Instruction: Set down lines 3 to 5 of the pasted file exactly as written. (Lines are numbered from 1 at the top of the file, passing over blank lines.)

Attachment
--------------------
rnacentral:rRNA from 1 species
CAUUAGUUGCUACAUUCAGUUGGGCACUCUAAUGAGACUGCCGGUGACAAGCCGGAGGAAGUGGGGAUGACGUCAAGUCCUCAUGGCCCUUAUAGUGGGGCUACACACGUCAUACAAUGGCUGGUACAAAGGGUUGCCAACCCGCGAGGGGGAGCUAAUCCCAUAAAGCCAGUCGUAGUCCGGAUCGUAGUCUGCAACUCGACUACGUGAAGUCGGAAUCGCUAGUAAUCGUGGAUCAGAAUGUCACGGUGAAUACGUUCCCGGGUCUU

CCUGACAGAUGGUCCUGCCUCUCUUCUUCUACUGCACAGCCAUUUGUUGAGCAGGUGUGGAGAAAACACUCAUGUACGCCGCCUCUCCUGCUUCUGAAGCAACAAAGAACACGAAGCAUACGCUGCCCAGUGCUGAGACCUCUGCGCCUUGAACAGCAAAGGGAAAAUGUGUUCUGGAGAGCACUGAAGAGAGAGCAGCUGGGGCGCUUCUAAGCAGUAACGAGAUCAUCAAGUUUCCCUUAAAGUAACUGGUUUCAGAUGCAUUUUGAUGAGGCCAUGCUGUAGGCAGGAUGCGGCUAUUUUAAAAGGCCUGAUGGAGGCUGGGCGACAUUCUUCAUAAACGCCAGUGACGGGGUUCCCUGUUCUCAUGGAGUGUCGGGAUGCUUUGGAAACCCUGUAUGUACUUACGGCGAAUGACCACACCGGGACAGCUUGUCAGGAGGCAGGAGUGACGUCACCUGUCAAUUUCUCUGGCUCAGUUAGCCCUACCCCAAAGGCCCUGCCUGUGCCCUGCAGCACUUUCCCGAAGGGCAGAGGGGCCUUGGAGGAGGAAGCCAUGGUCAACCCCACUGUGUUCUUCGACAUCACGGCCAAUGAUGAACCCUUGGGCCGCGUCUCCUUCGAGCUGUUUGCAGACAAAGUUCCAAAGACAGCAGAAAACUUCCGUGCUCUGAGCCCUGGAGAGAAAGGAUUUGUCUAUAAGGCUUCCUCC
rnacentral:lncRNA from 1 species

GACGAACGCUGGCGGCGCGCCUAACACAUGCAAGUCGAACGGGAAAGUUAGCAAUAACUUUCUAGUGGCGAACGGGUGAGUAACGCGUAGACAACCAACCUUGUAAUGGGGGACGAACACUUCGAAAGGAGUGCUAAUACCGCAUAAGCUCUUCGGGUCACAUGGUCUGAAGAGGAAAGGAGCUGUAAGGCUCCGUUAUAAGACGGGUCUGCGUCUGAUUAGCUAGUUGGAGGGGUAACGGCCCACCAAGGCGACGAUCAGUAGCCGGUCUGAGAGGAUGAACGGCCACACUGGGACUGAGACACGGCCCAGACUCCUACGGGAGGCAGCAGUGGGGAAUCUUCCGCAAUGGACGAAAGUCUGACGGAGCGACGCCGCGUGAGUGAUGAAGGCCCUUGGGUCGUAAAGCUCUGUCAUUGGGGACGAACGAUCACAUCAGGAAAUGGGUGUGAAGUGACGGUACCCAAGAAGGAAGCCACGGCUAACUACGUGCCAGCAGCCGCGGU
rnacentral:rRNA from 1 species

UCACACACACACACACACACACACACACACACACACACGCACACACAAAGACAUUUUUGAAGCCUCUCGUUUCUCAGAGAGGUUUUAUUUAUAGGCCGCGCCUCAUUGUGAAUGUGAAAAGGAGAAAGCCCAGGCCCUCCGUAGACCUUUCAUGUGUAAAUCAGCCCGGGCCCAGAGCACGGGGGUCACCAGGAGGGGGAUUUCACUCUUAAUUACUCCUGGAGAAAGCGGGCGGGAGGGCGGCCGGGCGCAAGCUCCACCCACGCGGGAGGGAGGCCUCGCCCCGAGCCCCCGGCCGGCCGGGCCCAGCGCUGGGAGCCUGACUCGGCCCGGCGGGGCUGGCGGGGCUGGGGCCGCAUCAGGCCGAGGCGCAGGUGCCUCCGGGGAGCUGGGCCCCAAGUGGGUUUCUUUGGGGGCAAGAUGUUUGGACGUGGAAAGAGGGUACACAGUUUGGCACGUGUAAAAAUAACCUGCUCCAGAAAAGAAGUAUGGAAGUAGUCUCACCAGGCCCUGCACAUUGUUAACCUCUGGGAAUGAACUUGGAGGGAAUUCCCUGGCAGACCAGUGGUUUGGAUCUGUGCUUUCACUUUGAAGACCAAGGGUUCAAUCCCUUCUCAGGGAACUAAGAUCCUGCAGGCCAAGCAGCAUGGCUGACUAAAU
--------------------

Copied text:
CCUGACAGAUGGUCCUGCCUCUCUUCUUCUACUGCACAGCCAUUUGUUGAGCAGGUGUGGAGAAAACACUCAUGUACGCCGCCUCUCCUGCUUCUGAAGCAACAAAGAACACGAAGCAUACGCUGCCCAGUGCUGAGACCUCUGCGCCUUGAACAGCAAAGGGAAAAUGUGUUCUGGAGAGCACUGAAGAGAGAGCAGCUGGGGCGCUUCUAAGCAGUAACGAGAUCAUCAAGUUUCCCUUAAAGUAACUGGUUUCAGAUGCAUUUUGAUGAGGCCAUGCUGUAGGCAGGAUGCGGCUAUUUUAAAAGGCCUGAUGGAGGCUGGGCGACAUUCUUCAUAAACGCCAGUGACGGGGUUCCCUGUUCUCAUGGAGUGUCGGGAUGCUUUGGAAACCCUGUAUGUACUUACGGCGAAUGACCACACCGGGACAGCUUGUCAGGAGGCAGGAGUGACGUCACCUGUCAAUUUCUCUGGCUCAGUUAGCCCUACCCCAAAGGCCCUGCCUGUGCCCUGCAGCACUUUCCCGAAGGGCAGAGGGGCCUUGGAGGAGGAAGCCAUGGUCAACCCCACUGUGUUCUUCGACAUCACGGCCAAUGAUGAACCCUUGGGCCGCGUCUCCUUCGAGCUGUUUGCAGACAAAGUUCCAAAGACAGCAGAAAACUUCCGUGCUCUGAGCCCUGGAGAGAAAGGAUUUGUCUAUAAGGCUUCCUCC
rnacentral:lncRNA from 1 species

GACGAACGCUGGCGGCGCGCCUAACACAUGCAAGUCGAACGGGAAAGUUAGCAAUAACUUUCUAGUGGCGAACGGGUGAGUAACGCGUAGACAACCAACCUUGUAAUGGGGGACGAACACUUCGAAAGGAGUGCUAAUACCGCAUAAGCUCUUCGGGUCACAUGGUCUGAAGAGGAAAGGAGCUGUAAGGCUCCGUUAUAAGACGGGUCUGCGUCUGAUUAGCUAGUUGGAGGGGUAACGGCCCACCAAGGCGACGAUCAGUAGCCGGUCUGAGAGGAUGAACGGCCACACUGGGACUGAGACACGGCCCAGACUCCUACGGGAGGCAGCAGUGGGGAAUCUUCCGCAAUGGACGAAAGUCUGACGGAGCGACGCCGCGUGAGUGAUGAAGGCCCUUGGGUCGUAAAGCUCUGUCAUUGGGGACGAACGAUCACAUCAGGAAAUGGGUGUGAAGUGACGGUACCCAAGAAGGAAGCCACGGCUAACUACGUGCCAGCAGCCGCGGU